Australia’s satellite image capabilities have been given a massive multi-million-dollar boost in a new deal between the CSIRO and UK company Surrey Satellite Technology.
Across the seven-year arrangement – valued at $10.45 million – Principal research scientist Dr Alex Held said the CSIRO would have 10% access to British satellite NovaSar to produce images to tackle natural disasters and crime, the ABC reports.
"We can basically turn on the camera or turn it off as it flies over and collect the amount of data we want," he said.
Dr Held said the CSIRO would be able to use satellite imagery to assist during “disaster” situations such as bushfires or cyclones, alongside tracking deforestation and illegal shipping.
"We have a computer terminal sitting in Australia and we can basically program the satellite from here through the British operations centre to collect data anywhere we want around the world, with highest priority over our region,” he said.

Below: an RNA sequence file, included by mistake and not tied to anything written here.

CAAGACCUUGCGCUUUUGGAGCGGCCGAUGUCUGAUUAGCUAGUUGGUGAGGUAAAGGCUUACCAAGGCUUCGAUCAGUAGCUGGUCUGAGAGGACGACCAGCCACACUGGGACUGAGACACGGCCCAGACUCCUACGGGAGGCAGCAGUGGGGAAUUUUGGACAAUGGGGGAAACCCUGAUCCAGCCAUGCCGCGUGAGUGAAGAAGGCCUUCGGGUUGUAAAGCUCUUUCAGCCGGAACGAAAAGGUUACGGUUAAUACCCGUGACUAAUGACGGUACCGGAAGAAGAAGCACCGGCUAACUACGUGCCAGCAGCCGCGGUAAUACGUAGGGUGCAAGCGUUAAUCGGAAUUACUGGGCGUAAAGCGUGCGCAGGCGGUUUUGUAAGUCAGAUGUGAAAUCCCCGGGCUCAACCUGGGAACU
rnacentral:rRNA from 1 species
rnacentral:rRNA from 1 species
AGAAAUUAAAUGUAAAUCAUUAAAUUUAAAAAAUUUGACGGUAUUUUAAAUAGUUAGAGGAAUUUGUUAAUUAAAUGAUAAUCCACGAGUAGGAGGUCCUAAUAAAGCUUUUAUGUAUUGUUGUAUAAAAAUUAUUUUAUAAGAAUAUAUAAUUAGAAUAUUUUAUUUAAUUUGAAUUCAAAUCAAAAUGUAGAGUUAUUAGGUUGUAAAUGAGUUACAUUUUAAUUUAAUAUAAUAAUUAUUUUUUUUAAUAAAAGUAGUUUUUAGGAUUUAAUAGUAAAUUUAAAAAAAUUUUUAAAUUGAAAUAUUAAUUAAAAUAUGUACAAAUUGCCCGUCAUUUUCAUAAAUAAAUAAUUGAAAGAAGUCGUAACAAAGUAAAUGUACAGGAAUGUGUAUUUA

Announced in Adelaide at the International Astronautical Congress, Australia’s Federal Minister for Industry, Innovation and Science Arthur Sinodinos said the agreement was a timely investment in Australia’s space capability.
“Australia is one of the largest users of Earth Observation from Space data world-wide, with satellite data underpinning more than 100 state and federal resource mapping and environmental monitoring programs across Australia,” Minister Sinodinos said.
“This agreement will allow CSIRO, via its national facility management capability, to strengthen Australia’s delivery of excellence in science and innovation.
“It will help CSIRO lead our nation’s development in the technical and analytical capability of modelling, monitoring and analysing our natural resource management and approaches to infrastructure.
“This will also lead to better and more informed support for policy and decision-making and, ultimately, our economic development as a nation.”